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The presence of powerful computers in the pockets of most patients should transform how we practise medicine. Yet changes in practice to date have remained modest and occurred only gradually.1 Applications of new technologies often only emerge once the underlying technologies have become ubiquitous and long passed the period of counting as new. As one writer put it: ‘Communication tools don’t get socially interesting until they get technologically boring.’2 Once a technology reaches the stage of being taken for granted, it becomes easier to harness it for new functions and activities.
Cellphones with short message service (SMS) or text messaging first appeared 25 years ago,3 and by 2010, users were sending 6.1 trillion texts per year globally.4 This tool had obvious applications for communication between physicians or to advise about critical lab results, where information could be displayed directly rather necessitating a return call on a pager.5 However, privacy concerns have limited texting of personal health information among healthcare providers.6 But there remains enormous potential benefit from this technology to engage with patients outside of clinic visits, since they all use text routinely.
In BMJ Quality & Safety, Hirshberg et al describe the use of cellphone text messages to address postpartum hypertension (HTN).7 Squeezing clinic visits into busy lives is difficult for many patients, but mothers with newborn children clearly face particular challenges in this regard. While this randomised trial provides convincing evidence of the effectiveness of texting in this population, one wonders why it has taken so long to generate this use case, and how to realise the benefits of this approach in other clinical areas faster.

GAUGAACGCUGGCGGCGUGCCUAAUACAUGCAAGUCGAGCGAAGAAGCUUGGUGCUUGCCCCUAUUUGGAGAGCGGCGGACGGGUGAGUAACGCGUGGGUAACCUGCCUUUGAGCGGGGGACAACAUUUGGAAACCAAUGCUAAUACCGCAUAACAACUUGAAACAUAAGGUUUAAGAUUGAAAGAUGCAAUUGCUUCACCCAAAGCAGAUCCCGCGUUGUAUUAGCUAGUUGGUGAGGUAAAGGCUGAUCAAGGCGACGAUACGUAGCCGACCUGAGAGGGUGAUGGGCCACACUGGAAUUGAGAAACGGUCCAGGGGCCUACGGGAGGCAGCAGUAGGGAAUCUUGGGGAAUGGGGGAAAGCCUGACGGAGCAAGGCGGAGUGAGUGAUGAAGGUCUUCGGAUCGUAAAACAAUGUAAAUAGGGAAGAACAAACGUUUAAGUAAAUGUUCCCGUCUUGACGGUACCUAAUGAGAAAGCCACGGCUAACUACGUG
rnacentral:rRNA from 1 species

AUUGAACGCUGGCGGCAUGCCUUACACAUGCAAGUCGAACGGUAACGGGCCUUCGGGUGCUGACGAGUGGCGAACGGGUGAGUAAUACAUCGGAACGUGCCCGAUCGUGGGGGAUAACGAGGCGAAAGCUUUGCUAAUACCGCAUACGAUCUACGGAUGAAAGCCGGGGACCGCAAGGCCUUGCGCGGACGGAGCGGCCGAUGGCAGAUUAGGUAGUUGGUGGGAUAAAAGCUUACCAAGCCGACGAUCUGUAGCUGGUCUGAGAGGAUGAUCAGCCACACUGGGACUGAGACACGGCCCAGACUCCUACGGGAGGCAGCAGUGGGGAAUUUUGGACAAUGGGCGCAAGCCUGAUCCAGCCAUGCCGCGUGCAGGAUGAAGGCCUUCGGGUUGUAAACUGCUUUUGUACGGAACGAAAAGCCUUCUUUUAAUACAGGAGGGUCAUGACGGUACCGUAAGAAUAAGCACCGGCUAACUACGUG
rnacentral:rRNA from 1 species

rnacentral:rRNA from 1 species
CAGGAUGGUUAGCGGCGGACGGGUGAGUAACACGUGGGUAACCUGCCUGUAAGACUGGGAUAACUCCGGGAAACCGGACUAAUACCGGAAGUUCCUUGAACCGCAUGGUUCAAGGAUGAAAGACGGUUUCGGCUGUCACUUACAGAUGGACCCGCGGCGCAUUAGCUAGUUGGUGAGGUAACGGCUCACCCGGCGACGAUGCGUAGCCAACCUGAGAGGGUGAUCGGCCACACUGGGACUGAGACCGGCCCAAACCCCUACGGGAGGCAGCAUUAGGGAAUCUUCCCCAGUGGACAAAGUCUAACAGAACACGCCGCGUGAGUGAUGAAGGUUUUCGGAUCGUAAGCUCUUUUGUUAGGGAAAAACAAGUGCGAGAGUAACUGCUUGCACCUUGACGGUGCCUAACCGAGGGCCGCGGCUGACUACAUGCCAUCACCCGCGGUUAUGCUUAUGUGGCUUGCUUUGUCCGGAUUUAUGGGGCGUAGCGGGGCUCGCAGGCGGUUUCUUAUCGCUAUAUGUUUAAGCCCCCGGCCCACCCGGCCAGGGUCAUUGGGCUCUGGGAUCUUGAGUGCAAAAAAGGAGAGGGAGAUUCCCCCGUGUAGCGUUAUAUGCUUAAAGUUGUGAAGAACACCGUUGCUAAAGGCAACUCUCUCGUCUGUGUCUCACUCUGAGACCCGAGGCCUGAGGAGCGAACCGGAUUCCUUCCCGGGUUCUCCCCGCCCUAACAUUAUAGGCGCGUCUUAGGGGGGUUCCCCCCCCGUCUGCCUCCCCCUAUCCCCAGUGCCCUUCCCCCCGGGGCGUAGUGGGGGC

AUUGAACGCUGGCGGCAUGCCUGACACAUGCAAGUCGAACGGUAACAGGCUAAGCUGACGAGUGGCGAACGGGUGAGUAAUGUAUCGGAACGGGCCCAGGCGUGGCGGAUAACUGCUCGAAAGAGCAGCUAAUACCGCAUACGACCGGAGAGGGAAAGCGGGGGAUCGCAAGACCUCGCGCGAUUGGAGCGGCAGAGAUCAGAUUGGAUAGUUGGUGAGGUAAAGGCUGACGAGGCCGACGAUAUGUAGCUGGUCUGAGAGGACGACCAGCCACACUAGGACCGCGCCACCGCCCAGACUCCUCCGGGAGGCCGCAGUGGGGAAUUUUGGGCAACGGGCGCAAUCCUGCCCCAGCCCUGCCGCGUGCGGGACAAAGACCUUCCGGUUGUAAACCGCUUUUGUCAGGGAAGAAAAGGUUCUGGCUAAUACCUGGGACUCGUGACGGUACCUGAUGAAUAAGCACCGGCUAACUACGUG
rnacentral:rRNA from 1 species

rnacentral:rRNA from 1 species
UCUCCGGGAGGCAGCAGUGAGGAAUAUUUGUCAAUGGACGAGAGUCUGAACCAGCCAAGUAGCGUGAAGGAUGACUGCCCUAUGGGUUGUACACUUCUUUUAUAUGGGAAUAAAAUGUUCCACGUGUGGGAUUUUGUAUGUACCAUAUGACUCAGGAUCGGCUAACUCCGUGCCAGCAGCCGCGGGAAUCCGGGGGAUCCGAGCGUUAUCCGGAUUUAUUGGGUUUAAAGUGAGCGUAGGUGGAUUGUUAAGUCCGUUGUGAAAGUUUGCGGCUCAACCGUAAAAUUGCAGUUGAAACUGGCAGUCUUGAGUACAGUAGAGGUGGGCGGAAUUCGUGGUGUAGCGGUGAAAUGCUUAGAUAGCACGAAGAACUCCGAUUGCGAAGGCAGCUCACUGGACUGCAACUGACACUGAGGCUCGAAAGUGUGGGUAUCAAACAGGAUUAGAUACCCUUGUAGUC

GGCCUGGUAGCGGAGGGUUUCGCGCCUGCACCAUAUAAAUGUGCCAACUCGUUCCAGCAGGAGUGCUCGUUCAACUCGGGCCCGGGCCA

The trial compared the impact of text versus in-person visits to monitor postpartum HTN on the proportion of patients recording a single blood pressure (BP) in the first 10 days post partum. It also measured impact on prescription of new medications, office visits, emergency department (ED) visits and patient satisfaction. The trial recruited 206 patients and found significantly higher rates of patients recording one BP measure in the text group compared with control (92.2% vs 43.7%). It found no difference in antihypertensive medication initiation or additional in-office or ED visits, but a higher proportion of patients attending their postpartum visit, and a lower rate of readmission in the text arm.
One strength of this study lies in its use of a range of measures to elucidate a potential mechanism of action. Patients in the text group recorded and submitted more BP values, so clinicians could more quickly adjust medications if needed. Patients in the text group did not send in other questions, so the effect entirely reflects reporting BPs rather than any other ancillary interactions between patients and clinicians. Patients in the text group did not feel that monitoring BP was more important than patients in the control group, so the increase in reporting was not due to a change in attitude, but more likely due to increased convenience. Patients in the text group felt that face-to-face communication was less important compared with patients in the control group, suggesting that exposure to text messaging with providers made them feel that it is a valuable way to interact. All patients in the text group would recommend this modality to friends or family, so satisfaction was high. Though medication initiation rates did not differ between both groups, timely reporting and earlier initiation of medications likely reduced BP and prevented hospital admissions in the intervention group. Consistent with this explanation, admission to hospital occurred for three out of four patients in the control group after documenting high BP at their office visit compared with zero patients in the intervention group.
This trial provides strong evidence due to its randomised design with balance of potential confounders across groups, high uptake of the intervention and low drop-out rates for major outcomes. This robust implementation likely reflects the multiple cycles of improvement, including testing of a range of features and mechanisms over 4 months that preceded this trial.8 In addition to this preparatory work, this study recruited patients over a 7-month period to establish its effectiveness. Self-monitoring and text message-based follow-up of chronic (or even acute) conditions is likely to be broadly applicable. Now that we have evidence in this group, how would a health system go on to ‘discover’ other potential target groups? And how can this be integrated into services more broadly?